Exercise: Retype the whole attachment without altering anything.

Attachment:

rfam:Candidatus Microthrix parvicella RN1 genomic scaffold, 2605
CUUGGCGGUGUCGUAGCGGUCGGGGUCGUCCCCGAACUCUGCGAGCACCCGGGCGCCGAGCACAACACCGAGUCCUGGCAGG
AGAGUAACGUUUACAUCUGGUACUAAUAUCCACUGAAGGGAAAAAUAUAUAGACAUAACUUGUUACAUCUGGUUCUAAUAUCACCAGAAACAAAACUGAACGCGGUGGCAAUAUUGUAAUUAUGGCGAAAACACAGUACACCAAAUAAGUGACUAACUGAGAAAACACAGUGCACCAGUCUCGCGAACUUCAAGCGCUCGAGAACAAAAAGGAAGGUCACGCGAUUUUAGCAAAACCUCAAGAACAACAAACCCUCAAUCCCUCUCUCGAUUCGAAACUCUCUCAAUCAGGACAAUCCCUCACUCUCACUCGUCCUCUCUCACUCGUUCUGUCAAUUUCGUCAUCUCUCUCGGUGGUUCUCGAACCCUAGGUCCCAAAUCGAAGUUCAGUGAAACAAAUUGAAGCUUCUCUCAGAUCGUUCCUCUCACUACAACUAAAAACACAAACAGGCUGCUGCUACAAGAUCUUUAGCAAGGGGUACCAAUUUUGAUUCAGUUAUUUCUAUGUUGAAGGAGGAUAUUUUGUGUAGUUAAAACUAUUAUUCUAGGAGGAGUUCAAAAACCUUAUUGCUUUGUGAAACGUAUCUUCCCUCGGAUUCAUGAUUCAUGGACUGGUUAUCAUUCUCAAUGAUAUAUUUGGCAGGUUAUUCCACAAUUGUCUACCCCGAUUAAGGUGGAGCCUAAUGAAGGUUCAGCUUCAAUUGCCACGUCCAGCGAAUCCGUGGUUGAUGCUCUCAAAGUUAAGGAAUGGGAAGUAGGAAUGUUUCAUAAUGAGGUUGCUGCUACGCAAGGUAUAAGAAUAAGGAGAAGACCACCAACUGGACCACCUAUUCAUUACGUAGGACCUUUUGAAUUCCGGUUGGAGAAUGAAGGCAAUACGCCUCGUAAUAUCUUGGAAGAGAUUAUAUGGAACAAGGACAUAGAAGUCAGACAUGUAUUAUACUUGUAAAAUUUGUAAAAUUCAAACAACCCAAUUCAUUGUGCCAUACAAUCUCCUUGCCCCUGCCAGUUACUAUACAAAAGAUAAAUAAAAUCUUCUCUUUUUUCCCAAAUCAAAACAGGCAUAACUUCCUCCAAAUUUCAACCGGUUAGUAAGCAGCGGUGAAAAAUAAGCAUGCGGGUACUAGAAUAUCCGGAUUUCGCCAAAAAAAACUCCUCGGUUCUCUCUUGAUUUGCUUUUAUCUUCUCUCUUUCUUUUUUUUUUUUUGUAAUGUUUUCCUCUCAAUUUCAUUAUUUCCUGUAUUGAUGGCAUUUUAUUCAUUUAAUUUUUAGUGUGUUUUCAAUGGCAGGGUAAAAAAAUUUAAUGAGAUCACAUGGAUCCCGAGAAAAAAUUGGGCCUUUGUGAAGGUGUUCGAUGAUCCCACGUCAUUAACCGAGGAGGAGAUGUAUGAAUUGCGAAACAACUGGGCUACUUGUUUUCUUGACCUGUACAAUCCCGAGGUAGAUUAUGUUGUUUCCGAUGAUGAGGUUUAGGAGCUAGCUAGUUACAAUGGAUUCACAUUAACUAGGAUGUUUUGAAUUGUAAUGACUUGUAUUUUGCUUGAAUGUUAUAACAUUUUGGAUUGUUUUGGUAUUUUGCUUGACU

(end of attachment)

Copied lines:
rfam:Candidatus Microthrix parvicella RN1 genomic scaffold, 2605
CUUGGCGGUGUCGUAGCGGUCGGGGUCGUCCCCGAACUCUGCGAGCACCCGGGCGCCGAGCACAACACCGAGUCCUGGCAGG
AGAGUAACGUUUACAUCUGGUACUAAUAUCCACUGAAGGGAAAAAUAUAUAGACAUAACUUGUUACAUCUGGUUCUAAUAUCACCAGAAACAAAACUGAACGCGGUGGCAAUAUUGUAAUUAUGGCGAAAACACAGUACACCAAAUAAGUGACUAACUGAGAAAACACAGUGCACCAGUCUCGCGAACUUCAAGCGCUCGAGAACAAAAAGGAAGGUCACGCGAUUUUAGCAAAACCUCAAGAACAACAAACCCUCAAUCCCUCUCUCGAUUCGAAACUCUCUCAAUCAGGACAAUCCCUCACUCUCACUCGUCCUCUCUCACUCGUUCUGUCAAUUUCGUCAUCUCUCUCGGUGGUUCUCGAACCCUAGGUCCCAAAUCGAAGUUCAGUGAAACAAAUUGAAGCUUCUCUCAGAUCGUUCCUCUCACUACAACUAAAAACACAAACAGGCUGCUGCUACAAGAUCUUUAGCAAGGGGUACCAAUUUUGAUUCAGUUAUUUCUAUGUUGAAGGAGGAUAUUUUGUGUAGUUAAAACUAUUAUUCUAGGAGGAGUUCAAAAACCUUAUUGCUUUGUGAAACGUAUCUUCCCUCGGAUUCAUGAUUCAUGGACUGGUUAUCAUUCUCAAUGAUAUAUUUGGCAGGUUAUUCCACAAUUGUCUACCCCGAUUAAGGUGGAGCCUAAUGAAGGUUCAGCUUCAAUUGCCACGUCCAGCGAAUCCGUGGUUGAUGCUCUCAAAGUUAAGGAAUGGGAAGUAGGAAUGUUUCAUAAUGAGGUUGCUGCUACGCAAGGUAUAAGAAUAAGGAGAAGACCACCAACUGGACCACCUAUUCAUUACGUAGGACCUUUUGAAUUCCGGUUGGAGAAUGAAGGCAAUACGCCUCGUAAUAUCUUGGAAGAGAUUAUAUGGAACAAGGACAUAGAAGUCAGACAUGUAUUAUACUUGUAAAAUUUGUAAAAUUCAAACAACCCAAUUCAUUGUGCCAUACAAUCUCCUUGCCCCUGCCAGUUACUAUACAAAAGAUAAAUAAAAUCUUCUCUUUUUUCCCAAAUCAAAACAGGCAUAACUUCCUCCAAAUUUCAACCGGUUAGUAAGCAGCGGUGAAAAAUAAGCAUGCGGGUACUAGAAUAUCCGGAUUUCGCCAAAAAAAACUCCUCGGUUCUCUCUUGAUUUGCUUUUAUCUUCUCUCUUUCUUUUUUUUUUUUUGUAAUGUUUUCCUCUCAAUUUCAUUAUUUCCUGUAUUGAUGGCAUUUUAUUCAUUUAAUUUUUAGUGUGUUUUCAAUGGCAGGGUAAAAAAAUUUAAUGAGAUCACAUGGAUCCCGAGAAAAAAUUGGGCCUUUGUGAAGGUGUUCGAUGAUCCCACGUCAUUAACCGAGGAGGAGAUGUAUGAAUUGCGAAACAACUGGGCUACUUGUUUUCUUGACCUGUACAAUCCCGAGGUAGAUUAUGUUGUUUCCGAUGAUGAGGUUUAGGAGCUAGCUAGUUACAAUGGAUUCACAUUAACUAGGAUGUUUUGAAUUGUAAUGACUUGUAUUUUGCUUGAAUGUUAUAACAUUUUGGAUUGUUUUGGUAUUUUGCUUGACU